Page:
SGLT2 inhibitors may address magnesium deficiency
An add-on benefit of SGLT2 inhibitors in the treatment of type 2 diabetes may be improving magnesium levels, according to findings published in the Journal of Diabetes and its Complications.
“In patients with [type 2 diabetes], hypomagnesemia may contribute to a worsening of insulin resistance, which can then further reduce serum [magnesium] concentrations,” Robert D. Toto, MD, associate dean of translational science and professor at the University of Texas Southwestern Medical Center in Dallas, and colleagues wrote. “Recent evidence suggests that SGLT2 [inhibitor] treatment, either alone or in combination with other agents, corrects low serum [magnesium] concentrations in patients with [type 2 diabetes], potentially contributing to improved cardiometabolic outcomes.”
Toto and colleagues conducted a post hoc analysis of 10 placebo-controlled trials with dapagliflozin (Farxiga, AstraZeneca) as the medication of interest. The dose of dapagliflozin was 10 mg per day in each study, with the researchers focused on 24 weeks of results and magnesium levels reached compared with baseline. Magnesium was measured from blood samples that were taken every 4 weeks.
Of the 4,398 adults with type 2 diabetes in the combined studies, 773 had a serum magnesium level of less than 0.74 mmol/L, which the researchers classified as hypomagnesemia, at baseline. Among this cohort, 403 were randomly assigned to dapagliflozin therapy (mean age, 60.8 years; 46.7% women), and 370 were assigned to placebo (mean age, 61.2 years; 49.2% women). The remaining participants (n = 3,625) were randomly assigned to dapagliflozin (n = 1,831; mean age, 58 years; 41.9% women) or placebo (n = 1,794; mean age, 48.7 years; 40.6% women).
The average magnesium level in participants who took dapagliflozin was 0.81 mmol/L at baseline and 0.86 mmol/L after 24 weeks whereas those taking placebo went from 0.81 mmol/L at baseline to 0.8 mmol/L at the end of the study, which made for a 0.06 mmol/L (95% CI, 0.05-0.06) variation between each group, according to the researchers.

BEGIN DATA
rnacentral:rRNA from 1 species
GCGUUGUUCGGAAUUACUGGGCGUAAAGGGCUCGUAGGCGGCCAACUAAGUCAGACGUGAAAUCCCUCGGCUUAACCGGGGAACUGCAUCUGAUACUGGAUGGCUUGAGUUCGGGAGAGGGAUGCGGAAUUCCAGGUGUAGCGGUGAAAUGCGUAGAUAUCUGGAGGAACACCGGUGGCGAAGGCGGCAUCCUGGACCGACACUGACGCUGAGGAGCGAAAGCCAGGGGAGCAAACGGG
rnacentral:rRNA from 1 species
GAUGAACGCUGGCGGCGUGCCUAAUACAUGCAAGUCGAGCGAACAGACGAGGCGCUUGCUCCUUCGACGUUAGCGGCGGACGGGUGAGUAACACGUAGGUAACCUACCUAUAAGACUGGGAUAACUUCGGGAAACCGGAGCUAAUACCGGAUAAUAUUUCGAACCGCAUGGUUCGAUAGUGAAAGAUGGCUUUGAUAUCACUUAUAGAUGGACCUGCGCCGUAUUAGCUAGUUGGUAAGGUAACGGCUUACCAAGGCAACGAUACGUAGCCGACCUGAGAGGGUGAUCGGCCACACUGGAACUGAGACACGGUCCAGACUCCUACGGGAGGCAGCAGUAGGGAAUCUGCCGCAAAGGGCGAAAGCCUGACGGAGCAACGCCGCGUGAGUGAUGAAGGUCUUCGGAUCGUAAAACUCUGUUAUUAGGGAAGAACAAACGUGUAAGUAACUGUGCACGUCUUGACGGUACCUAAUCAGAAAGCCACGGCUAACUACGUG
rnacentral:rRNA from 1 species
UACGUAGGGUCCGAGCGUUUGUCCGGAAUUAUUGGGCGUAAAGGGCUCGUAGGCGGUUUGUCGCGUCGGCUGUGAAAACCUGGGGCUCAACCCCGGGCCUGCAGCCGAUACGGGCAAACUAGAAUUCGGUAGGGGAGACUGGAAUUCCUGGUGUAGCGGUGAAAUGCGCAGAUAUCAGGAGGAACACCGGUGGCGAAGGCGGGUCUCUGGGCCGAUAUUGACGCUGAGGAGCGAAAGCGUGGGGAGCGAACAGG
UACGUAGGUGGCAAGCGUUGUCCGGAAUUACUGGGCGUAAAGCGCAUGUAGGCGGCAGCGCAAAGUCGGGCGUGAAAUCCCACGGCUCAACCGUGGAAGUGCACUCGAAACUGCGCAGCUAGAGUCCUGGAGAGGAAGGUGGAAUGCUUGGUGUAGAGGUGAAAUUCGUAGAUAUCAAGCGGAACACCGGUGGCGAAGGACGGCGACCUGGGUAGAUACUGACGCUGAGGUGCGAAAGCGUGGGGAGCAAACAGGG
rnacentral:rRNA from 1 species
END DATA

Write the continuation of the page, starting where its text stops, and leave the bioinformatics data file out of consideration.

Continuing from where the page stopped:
The results were greater for those with hypomagnesemia who took dapagliflozin (0.66 mmol/L at baseline to 0.77 mmol/L at 24 weeks) compared with those in the placebo group with similar baseline magnesium measures (0.66 mmol/L at baseline to 0.69 mmol/L at 24 weeks). This yielded a 0.08 mmol/L disparity in magnesium adjustment (95% CI, 0.07-0.09), according to the researchers.
Among those with magnesium levels of at least 0.74 mmol/L, the average baseline measure of magnesium was 0.84 mmol/L regardless of treatment, but those taking dapagliflozin experienced an increase during the studies (0.87 mmol/L) and those on placebo experienced a decrease (0.82 mmol/L), making for a 0.05 mmol/L (95% CI, 0.05-0.06) difference in magnesium alteration between the two groups, the researchers noted.
In total, 77.3% of those who took dapagliflozin reached a serum magnesium level of at least 0.74 mmol/L whereas 29.5% of those taking a placebo reached the threshold, allowing the researchers to calculate a 47.8% gap between the two groups (95% CI, 41.4-53.9).
Similar rates of adverse events were observed in those taking dapagliflozin vs. those taking placebo, according to the researchers, who also noted that dapagliflozin decreased blood pressure and heart rate measures more effectively than placebo.
“Treatment with dapagliflozin 10 mg resulted in correction of serum [magnesium] concentration in patients with [type 2 diabetes] and hypomagnesemia, without increased risk for hypermagnesemia,” the researchers wrote. “Whether the reduction in the risk of cardiovascular and renal events induced by SGLT2 inhibition is mediated in part by effects on serum [magnesium] balance remains to be determined.” – by Phil Neuffer
Disclosure: Toto reports he is a consultant for Amgen, AstraZeneca, Boehringer Ingelheim, Quest Diagnostics, Quintiles, Reata Pharmaceuticals and Relypsa.